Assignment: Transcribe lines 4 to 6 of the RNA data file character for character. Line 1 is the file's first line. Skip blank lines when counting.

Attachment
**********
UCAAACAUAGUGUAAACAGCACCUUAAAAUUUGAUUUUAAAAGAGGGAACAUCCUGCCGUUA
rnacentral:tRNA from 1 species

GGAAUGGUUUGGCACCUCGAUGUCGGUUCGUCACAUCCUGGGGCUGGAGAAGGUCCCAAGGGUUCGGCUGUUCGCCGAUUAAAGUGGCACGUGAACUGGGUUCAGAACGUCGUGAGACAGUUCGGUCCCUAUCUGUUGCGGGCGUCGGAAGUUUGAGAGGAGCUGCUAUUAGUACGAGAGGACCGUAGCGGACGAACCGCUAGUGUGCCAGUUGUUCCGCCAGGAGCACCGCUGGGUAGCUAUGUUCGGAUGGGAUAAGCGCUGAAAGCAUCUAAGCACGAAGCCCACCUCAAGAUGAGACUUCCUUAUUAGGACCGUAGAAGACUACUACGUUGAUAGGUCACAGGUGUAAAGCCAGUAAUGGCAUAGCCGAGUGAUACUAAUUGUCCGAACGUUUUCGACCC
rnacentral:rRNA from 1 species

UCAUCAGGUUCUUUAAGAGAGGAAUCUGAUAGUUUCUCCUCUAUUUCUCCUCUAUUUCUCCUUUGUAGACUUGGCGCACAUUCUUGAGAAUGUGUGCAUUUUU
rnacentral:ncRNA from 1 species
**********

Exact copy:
rnacentral:rRNA from 1 species

UCAUCAGGUUCUUUAAGAGAGGAAUCUGAUAGUUUCUCCUCUAUUUCUCCUCUAUUUCUCCUUUGUAGACUUGGCGCACAUUCUUGAGAAUGUGUGCAUUUUU
rnacentral:ncRNA from 1 species